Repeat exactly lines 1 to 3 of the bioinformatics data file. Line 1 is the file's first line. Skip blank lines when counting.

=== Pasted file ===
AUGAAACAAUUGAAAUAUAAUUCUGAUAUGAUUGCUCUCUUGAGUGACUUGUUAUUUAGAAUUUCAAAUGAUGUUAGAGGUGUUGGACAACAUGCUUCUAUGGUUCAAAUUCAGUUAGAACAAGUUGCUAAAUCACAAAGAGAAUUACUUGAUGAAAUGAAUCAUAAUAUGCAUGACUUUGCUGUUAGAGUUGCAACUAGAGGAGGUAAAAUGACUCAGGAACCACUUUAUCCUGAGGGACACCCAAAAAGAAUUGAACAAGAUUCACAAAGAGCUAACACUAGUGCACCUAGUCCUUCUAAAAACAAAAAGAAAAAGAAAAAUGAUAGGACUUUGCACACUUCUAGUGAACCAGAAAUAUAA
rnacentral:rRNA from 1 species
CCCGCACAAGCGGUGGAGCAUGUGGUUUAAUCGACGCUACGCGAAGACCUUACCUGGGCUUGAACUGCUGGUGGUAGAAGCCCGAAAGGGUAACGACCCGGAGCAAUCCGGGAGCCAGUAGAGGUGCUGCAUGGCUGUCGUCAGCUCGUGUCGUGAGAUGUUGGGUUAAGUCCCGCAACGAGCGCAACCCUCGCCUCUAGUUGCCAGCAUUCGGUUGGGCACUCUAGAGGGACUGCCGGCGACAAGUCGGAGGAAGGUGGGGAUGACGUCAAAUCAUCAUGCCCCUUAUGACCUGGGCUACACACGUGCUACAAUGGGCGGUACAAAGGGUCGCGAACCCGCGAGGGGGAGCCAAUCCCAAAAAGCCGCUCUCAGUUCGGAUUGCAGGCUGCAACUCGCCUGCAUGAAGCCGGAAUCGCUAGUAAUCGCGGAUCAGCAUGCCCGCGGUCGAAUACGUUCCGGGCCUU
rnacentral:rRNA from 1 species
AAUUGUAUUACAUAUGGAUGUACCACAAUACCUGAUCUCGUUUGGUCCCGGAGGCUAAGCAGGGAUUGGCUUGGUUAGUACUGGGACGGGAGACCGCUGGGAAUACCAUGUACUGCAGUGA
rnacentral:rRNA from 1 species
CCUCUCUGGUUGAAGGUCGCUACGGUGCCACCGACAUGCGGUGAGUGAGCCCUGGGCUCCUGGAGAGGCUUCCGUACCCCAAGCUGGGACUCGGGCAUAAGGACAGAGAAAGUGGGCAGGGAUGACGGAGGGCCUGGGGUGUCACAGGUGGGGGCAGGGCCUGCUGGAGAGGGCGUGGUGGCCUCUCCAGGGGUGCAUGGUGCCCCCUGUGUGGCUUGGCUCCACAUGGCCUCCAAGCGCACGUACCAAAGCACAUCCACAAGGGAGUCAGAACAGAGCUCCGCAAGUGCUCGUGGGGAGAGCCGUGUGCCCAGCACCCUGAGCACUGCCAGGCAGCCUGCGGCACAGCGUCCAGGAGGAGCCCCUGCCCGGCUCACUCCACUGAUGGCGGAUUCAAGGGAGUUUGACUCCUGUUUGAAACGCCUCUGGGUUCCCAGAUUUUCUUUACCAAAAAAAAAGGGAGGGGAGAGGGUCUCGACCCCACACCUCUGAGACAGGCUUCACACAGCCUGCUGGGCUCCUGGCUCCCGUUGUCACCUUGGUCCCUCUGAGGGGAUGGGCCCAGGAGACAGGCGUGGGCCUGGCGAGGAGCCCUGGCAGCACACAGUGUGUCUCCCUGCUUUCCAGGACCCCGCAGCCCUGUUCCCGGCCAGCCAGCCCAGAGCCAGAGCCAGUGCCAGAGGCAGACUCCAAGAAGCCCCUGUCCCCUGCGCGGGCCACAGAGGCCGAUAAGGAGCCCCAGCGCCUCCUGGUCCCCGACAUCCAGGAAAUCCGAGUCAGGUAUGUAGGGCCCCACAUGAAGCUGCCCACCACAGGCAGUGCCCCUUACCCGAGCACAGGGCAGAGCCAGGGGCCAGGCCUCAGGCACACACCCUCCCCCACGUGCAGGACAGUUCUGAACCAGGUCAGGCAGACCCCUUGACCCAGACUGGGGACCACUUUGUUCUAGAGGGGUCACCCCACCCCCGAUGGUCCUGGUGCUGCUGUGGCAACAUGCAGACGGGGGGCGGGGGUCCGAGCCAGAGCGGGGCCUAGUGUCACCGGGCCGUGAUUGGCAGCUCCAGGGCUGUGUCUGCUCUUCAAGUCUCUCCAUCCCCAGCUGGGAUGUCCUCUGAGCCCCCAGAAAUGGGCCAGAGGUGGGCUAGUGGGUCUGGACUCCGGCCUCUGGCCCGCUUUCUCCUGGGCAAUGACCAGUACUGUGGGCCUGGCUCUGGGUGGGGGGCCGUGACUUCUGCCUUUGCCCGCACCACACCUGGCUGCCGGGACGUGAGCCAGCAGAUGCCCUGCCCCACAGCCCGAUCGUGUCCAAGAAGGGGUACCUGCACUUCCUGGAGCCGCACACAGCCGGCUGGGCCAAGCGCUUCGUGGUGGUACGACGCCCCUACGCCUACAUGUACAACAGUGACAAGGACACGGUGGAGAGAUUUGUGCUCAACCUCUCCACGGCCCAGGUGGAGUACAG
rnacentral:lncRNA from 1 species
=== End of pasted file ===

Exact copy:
AUGAAACAAUUGAAAUAUAAUUCUGAUAUGAUUGCUCUCUUGAGUGACUUGUUAUUUAGAAUUUCAAAUGAUGUUAGAGGUGUUGGACAACAUGCUUCUAUGGUUCAAAUUCAGUUAGAACAAGUUGCUAAAUCACAAAGAGAAUUACUUGAUGAAAUGAAUCAUAAUAUGCAUGACUUUGCUGUUAGAGUUGCAACUAGAGGAGGUAAAAUGACUCAGGAACCACUUUAUCCUGAGGGACACCCAAAAAGAAUUGAACAAGAUUCACAAAGAGCUAACACUAGUGCACCUAGUCCUUCUAAAAACAAAAAGAAAAAGAAAAAUGAUAGGACUUUGCACACUUCUAGUGAACCAGAAAUAUAA
rnacentral:rRNA from 1 species
CCCGCACAAGCGGUGGAGCAUGUGGUUUAAUCGACGCUACGCGAAGACCUUACCUGGGCUUGAACUGCUGGUGGUAGAAGCCCGAAAGGGUAACGACCCGGAGCAAUCCGGGAGCCAGUAGAGGUGCUGCAUGGCUGUCGUCAGCUCGUGUCGUGAGAUGUUGGGUUAAGUCCCGCAACGAGCGCAACCCUCGCCUCUAGUUGCCAGCAUUCGGUUGGGCACUCUAGAGGGACUGCCGGCGACAAGUCGGAGGAAGGUGGGGAUGACGUCAAAUCAUCAUGCCCCUUAUGACCUGGGCUACACACGUGCUACAAUGGGCGGUACAAAGGGUCGCGAACCCGCGAGGGGGAGCCAAUCCCAAAAAGCCGCUCUCAGUUCGGAUUGCAGGCUGCAACUCGCCUGCAUGAAGCCGGAAUCGCUAGUAAUCGCGGAUCAGCAUGCCCGCGGUCGAAUACGUUCCGGGCCUU